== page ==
As far as endings go, that’s absolutely not a bad thing. As far as halfway points go, which this technically is, that’s a very bad thing. I don’t have to watch the next season to find out how wit all pans out. It already panned out. Compared to The Last Airbender, which expertly fed you just enough answers and question to keep you going, Korra gives us a neat cut-away point where you can really just stop watching it. It’s too neat, too smooth, too clean. I was hoping for Korra to have to regain her other bending powers over the course of the next season, it would impose a great trouble for her to overcome. In fact, of everything that happened in the entire season, that was the biggest obstacle they gave her… and it was resolved in the span of 10 minutes with what felt like a massive deus ex machina.

With all the build-up from the second-half of the season, it just felt too easy. Which is just a shame. No real sacrifices have been made by anyone. Everything worked out just fine. In a show that felt more mature than The Last Airbender in almost every way, it feels weird for there to be less in terms of sacrifices made.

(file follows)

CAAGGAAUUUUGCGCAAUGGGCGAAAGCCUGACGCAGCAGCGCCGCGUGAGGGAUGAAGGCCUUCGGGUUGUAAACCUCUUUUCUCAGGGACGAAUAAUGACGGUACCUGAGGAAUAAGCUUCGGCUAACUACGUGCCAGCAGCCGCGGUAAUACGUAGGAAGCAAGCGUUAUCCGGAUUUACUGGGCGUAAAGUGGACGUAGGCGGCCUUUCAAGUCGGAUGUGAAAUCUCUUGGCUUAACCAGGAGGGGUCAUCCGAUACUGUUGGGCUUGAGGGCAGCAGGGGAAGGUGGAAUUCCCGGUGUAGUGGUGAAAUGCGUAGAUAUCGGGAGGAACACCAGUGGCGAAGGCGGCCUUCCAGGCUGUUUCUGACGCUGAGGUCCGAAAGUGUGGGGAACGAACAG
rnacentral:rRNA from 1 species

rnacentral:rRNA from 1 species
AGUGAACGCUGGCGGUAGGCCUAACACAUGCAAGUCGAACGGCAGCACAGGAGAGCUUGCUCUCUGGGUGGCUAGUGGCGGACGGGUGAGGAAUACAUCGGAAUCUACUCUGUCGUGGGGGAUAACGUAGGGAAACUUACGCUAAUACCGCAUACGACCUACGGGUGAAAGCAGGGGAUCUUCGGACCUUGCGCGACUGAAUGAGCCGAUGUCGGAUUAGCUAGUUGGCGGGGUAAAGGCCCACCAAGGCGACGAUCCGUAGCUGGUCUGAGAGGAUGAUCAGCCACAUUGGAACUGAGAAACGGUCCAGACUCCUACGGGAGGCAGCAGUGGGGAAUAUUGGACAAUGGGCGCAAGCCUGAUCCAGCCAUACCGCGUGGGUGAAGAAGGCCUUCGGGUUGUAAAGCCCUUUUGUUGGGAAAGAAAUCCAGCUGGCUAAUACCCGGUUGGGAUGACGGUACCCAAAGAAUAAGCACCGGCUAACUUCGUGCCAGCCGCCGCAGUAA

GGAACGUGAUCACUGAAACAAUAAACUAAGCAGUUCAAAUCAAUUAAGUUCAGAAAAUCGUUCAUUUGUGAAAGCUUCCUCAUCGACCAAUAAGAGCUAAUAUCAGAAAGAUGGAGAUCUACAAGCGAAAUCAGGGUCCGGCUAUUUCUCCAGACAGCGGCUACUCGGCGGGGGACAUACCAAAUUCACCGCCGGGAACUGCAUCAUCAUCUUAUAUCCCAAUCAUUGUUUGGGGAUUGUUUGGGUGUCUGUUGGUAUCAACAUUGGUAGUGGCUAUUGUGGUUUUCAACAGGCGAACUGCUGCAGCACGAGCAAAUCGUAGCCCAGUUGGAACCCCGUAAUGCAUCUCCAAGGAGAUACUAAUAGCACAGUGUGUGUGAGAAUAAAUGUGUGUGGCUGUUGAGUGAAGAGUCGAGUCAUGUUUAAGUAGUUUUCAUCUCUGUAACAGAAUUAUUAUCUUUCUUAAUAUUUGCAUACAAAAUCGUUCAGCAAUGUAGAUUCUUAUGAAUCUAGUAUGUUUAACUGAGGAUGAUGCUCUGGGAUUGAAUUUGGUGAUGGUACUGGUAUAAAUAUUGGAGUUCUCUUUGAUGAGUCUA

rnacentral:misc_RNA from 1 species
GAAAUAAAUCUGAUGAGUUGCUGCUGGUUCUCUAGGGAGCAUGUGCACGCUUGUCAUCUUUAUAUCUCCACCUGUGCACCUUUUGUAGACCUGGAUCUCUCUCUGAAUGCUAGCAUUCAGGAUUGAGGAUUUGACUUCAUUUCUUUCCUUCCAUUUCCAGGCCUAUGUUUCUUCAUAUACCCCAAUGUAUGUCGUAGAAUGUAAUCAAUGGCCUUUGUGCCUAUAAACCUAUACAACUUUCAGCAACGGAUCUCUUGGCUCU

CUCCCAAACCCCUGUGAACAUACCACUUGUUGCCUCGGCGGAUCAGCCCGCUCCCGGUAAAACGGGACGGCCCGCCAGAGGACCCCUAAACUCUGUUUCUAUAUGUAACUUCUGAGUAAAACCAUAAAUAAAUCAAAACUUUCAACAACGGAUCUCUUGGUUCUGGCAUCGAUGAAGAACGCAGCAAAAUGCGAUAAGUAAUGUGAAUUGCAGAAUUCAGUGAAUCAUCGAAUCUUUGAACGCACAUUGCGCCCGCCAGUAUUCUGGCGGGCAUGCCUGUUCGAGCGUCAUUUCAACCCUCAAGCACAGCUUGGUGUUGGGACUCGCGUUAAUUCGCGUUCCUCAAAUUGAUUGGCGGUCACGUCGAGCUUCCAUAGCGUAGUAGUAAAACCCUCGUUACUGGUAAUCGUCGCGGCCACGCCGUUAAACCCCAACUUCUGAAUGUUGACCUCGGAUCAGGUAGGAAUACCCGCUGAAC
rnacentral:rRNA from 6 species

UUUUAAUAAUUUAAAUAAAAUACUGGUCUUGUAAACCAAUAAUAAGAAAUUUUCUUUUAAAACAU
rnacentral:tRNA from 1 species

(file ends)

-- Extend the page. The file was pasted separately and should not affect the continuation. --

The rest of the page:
Everything building up to that end though… Incredible. Absolutely incredible. From the political conflicts, to how it all played out in the face of the public, to the relationships between the characters, all of it was fantastically played out. I’m a big fan of the older characters, and the more mature themes, and I’m glad the writers could work on some more developed characters.

I’m a bit let down by the fact that they did go the easy route with Amon. Already early on, when it was shown Amon had the ability to take bneding away, I expected it to come down to blood bending. Originally, I expected it to be Tarrlok to be responsible for it. I didn’t even know Tarrlok was a blood bender at that point, but it just felt too obvious. As a second possibility, I put down never-before-seen-brother-Steve to be it. Not a possiblity I liked entertaining, the worst outcome to a mystery in a piece of fiction is an explanation that doesn’t fit the known scope.

Then it did turn out to be never-before-seen-brother Steve… Or rather, Naotak.